17. The obligation to give proper consideration to Charter rights is not suspended when decisions are made in an emergency or other extreme circumstances. Such circumstances increase the risk that Charter rights will be overlooked, and nothing in the language of s 38(1) indicates that it does not apply in such situations (Certain Children (No 1) [2016] VSC 796 [187]-[188]).

    Proportionality analysis: s 7(2)

  18. Proper consideration of Charter rights, under the third and fourth steps above, will include the exercise of identifying and comparing rights and obligations to determine whether any limit placed on the applicant’s rights could be justified under s 7(2) of the Charter (Bare v IBAC(2015) 48 VR 129; [2015] VSCA 197 [284]–[285] (Tate JA), see also [146] (Warren CJ), [620] (Santamaria JA)).
  19. Section 7(2) of the Charter, the justification or proportionality provision, comes into play when Charter rights are limited. Section 7(2) states:

     (2) A human right may be subject under law only to such reasonable limits as can be demonstrably justified in a free and democratic society based on human dignity, equality and freedom, and taking into account all relevant factors including—

    (a) the nature of the right; and

    (b) the importance of the purpose of the limitation; and

    (c) the nature and extent of the limitation; and

    (d) the relationship between the limitation and its purpose; and

    (e) any less restrictive means reasonably available to achieve the purpose that the limitation seeks to achieve.

  20. The countervailing interests or obligations relevant to the justification analysis will include those made relevant by the legislation giving the public authority its power (Bare v IBAC (2015) 48 VR 129; [2015] VSCA 197 [536] (Santamaria JA)).

    Substantive limb: acts compatible with Charter rights

  21. The ‘substantive limb’ of s 38(1) requires public authorities to act compatibly with Charter rights. It is stated in the negative: ‘it is unlawful for a public authority to act in a way that is incompatible with a human right’ (s 38(1)).
  22. In the Charter, ‘act’ includes a failure to act and a proposal to act (s 3(1)).
  23. Courts have developed the following suggested approach for establishing whether there has been a breach of Charter rights under the substantive limb of s 38(1):
    • First, consider whether a Charter right has been engaged in the circumstances of the case;
    • Second, determine whether a public authority has limited or interfered with the right through its action or inaction; and
    • Third, with reference to the s 7(2) proportionality analysis, determine whether any limitation imposed was reasonable and justified in the circumstances (PJB v Melbourne Health (Patrick’s Case) (2011) 39 VR 373; [2011] VSC 327 [306], [309]–[312]; Antunovic v Dawson (2010) 30 VR 355; [2010] VSC 377 [70], [135]; Sabet v Medical Practitioner’s Board (Vic) (2008) 20 VR 414; [2008] VSC 346 [108]; DPP v Kaba (2014) 44 VR 526; [2014] VSC 52 [468]; Certain Children (No 1) [2016] VSC 796 [205]-[206]; Certain Children (No 2) [2017] VSC 251 [199]; Baker v DPP [2017] VSCA 58 [57]-[58]).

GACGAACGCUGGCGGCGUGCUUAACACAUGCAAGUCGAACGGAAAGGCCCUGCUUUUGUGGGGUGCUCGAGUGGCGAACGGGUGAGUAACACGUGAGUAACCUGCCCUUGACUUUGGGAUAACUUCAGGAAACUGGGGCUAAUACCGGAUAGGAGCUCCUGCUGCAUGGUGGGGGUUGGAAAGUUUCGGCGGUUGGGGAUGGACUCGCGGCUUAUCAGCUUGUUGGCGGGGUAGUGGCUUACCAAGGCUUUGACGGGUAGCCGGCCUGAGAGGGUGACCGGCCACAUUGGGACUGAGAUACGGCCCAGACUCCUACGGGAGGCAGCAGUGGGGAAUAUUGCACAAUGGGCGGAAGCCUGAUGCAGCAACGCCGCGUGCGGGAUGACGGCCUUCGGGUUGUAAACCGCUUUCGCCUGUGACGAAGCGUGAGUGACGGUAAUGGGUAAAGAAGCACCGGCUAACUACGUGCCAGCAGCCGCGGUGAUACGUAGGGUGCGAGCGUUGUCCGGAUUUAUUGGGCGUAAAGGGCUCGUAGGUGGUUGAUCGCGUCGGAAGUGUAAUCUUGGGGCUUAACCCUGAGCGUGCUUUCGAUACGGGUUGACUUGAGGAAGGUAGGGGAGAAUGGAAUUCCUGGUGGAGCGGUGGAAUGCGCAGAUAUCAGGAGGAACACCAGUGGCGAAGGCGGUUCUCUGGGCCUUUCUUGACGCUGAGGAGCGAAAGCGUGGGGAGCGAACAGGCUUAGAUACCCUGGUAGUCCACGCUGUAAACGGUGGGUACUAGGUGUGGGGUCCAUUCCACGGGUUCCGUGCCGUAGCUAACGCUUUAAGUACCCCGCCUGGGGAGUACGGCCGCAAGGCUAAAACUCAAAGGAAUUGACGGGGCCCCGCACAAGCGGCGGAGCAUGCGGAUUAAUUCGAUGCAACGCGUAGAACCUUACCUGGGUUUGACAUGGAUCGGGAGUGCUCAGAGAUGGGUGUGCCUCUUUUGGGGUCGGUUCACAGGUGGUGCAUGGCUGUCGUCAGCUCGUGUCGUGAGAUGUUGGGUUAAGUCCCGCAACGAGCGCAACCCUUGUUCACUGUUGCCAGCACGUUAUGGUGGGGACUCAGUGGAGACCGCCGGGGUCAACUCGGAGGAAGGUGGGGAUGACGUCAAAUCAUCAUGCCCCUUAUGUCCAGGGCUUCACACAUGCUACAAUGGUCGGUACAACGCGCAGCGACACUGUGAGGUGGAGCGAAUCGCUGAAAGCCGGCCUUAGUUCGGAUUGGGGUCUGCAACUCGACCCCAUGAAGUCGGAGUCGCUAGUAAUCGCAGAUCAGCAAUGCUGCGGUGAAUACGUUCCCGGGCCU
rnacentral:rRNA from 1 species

24. The above steps establish whether the conduct of the relevant public authority was ‘compatible’ with Charter rights under s 38(1). If any limitations on Charter rights were not justified in terms of s 7(2), the act or decision would be incompatible with Charter rights, and so breach s 38(1) and be unlawful (PJB v Melbourne Health (Patrick’s Case) (2011) 39 VR; [2011] VSC 327 [306], [309] – [312]; Antunovic v Dawson (2010) 30 VR 355; [2010] VSC 377 [70], [135]; Certain Children (No 1) [2016] VSC 796 [206]; Baker v DPP [2017] VSCA 58 [57-58]).
  25. In Patrick’s Case, Bell J found that judicial review for unlawfulness under s 38(1) did not amount to merits review. However, because it includes a proportionality analysis under s 7(2), it is a more intensive review than traditional judicial review for unlawfulness and therefore:

    draws the court more deeply into the facts, the balance which has been struck and the resolution of the competing interests than traditional judicial review (PJB v Melbourne Health (Patrick’s Case) (2011) 39 VR 373; [2011] VSC 327 [315]–[317]; Certain Children (No 2)[2017] VSC 251 [212]).

  26. In the same way as the procedural limb, the level of review required may differ depending on the circumstances. In Certain Children (No 2), John Dixon J suggested that

    [p]recisely what ‘intensity’ [of review] is required and what that actually means is likely to depend on the particular circumstances before the court that will vary from case to case. Context and circumstances may include the experience and expertise of the primary decision-maker, the information that a decision-maker acts on and the extent to which a decision is supported and objectively justified by a transparent process of reasoning. A detailed brief that informed the decision or detailed reasons from the decision maker may be persuasive. (Certain Children (No 2) [2017] VSC 251 [217])